Can't wait...

I am something of a golden boy again at the client's, for both prudence and brevity I won't go into much detail. Suffice to say that my approach of being calm, understanding problems, and grinding out solutions is rather less spectacular, rather less pro-active than many at the client's, yet it seems to produce better results. I am reminded of Rudyard Kipling's "If", and of Hemingways quote - "Never confuse movement with action".

If nothing else it is just interesting to see different people at work, and how peoples' fundamental nature means that they will take the same approach again and again, irrespective of previous results. To be honest it is partly frustrating, but for the most part amusing (after all, they're paying me to watch all this!).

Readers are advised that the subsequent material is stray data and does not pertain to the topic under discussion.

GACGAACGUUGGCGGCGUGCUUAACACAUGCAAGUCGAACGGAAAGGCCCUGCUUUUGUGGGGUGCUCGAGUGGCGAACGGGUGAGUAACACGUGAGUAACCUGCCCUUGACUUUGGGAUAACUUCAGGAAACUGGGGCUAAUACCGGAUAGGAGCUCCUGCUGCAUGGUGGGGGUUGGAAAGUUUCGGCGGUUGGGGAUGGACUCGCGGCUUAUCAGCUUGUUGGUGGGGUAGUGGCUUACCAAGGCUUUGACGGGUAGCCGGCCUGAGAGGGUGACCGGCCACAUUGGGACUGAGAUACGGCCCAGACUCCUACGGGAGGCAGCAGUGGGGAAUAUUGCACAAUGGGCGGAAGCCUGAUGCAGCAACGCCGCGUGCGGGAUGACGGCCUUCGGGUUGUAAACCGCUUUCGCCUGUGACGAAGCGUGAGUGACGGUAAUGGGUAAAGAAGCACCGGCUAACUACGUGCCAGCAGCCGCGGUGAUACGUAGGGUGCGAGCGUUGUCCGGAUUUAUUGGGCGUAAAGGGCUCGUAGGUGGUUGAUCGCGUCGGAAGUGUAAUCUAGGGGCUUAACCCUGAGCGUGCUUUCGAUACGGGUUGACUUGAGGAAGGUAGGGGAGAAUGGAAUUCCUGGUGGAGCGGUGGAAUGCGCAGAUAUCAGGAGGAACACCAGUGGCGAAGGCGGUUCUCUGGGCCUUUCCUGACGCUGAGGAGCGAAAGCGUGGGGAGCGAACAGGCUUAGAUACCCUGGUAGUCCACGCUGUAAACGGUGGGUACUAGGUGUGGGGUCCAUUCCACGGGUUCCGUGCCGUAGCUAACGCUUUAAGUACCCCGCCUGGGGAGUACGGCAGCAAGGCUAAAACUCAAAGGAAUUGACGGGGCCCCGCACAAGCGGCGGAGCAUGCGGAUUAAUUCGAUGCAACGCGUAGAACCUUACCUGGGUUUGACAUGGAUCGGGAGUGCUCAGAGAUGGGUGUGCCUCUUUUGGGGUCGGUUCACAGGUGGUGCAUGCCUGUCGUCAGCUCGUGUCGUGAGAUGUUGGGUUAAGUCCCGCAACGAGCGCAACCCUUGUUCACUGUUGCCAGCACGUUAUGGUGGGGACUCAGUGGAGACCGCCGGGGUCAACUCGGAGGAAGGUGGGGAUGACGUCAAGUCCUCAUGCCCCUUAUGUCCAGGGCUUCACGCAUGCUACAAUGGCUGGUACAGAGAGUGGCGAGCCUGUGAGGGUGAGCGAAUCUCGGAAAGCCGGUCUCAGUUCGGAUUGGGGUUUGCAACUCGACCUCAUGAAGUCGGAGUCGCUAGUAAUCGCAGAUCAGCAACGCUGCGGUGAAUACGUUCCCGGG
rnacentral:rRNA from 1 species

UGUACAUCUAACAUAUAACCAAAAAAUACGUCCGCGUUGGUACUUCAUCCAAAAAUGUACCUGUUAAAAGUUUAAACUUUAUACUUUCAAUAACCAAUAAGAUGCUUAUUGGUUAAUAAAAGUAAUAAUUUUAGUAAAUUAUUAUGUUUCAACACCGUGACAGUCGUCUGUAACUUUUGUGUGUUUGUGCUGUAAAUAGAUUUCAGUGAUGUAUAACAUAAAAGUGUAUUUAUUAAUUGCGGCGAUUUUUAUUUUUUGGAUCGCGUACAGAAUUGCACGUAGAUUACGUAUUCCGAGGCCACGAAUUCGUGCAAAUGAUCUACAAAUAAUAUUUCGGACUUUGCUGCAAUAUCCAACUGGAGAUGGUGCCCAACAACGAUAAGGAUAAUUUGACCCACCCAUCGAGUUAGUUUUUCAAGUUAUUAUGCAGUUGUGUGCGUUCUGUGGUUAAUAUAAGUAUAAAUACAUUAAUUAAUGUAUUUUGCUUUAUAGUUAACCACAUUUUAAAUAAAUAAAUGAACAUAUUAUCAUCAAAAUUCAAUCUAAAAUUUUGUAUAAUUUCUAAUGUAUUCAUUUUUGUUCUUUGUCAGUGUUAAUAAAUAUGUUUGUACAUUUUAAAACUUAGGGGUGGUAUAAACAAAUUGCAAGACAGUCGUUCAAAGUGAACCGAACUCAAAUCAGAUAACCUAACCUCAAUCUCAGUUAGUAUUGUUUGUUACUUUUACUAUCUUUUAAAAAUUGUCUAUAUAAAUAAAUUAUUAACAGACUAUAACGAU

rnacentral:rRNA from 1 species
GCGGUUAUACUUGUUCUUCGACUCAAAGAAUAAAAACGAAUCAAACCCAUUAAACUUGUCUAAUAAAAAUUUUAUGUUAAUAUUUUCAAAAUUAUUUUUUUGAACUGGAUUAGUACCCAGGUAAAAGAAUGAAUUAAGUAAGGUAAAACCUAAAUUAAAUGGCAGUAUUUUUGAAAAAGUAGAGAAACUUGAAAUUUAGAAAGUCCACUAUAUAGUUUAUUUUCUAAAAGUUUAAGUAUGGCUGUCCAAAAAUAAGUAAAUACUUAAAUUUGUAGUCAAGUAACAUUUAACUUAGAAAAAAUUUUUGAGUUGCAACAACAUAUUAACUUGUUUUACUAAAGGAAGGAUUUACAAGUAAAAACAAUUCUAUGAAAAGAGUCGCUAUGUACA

Did I mention I was thinking of buying myself the complete Dilbert collection for christmas?

Monday, 5 November 2007


I've prattled on for years about the policies of our illiberal government. Fortunately, Blunkett now appears to have been carted back to whichever lunatic asylum from whence he came, and Reid - never more aptly described than as an "attack dog" by Paxman - has faded back into obscurity.

However I was reminded yesterday just how pervasive this "Big Brother" attitude has become when I heard on the car radio an "advert" regarding benefit fraud. Listen here.... Truly disgusting.

Its not that I condone benefit fraud, although I can easily think of other types of tax avoidance (which is essentially what it is) whick would probably be fairer and more lucrative to target (for example the millionaires who live in London but pay no tax). It is purely the tone of this advert, alongside the tv adverts we see about TV Licenses and Car Tax, all of which aimed purely to scare.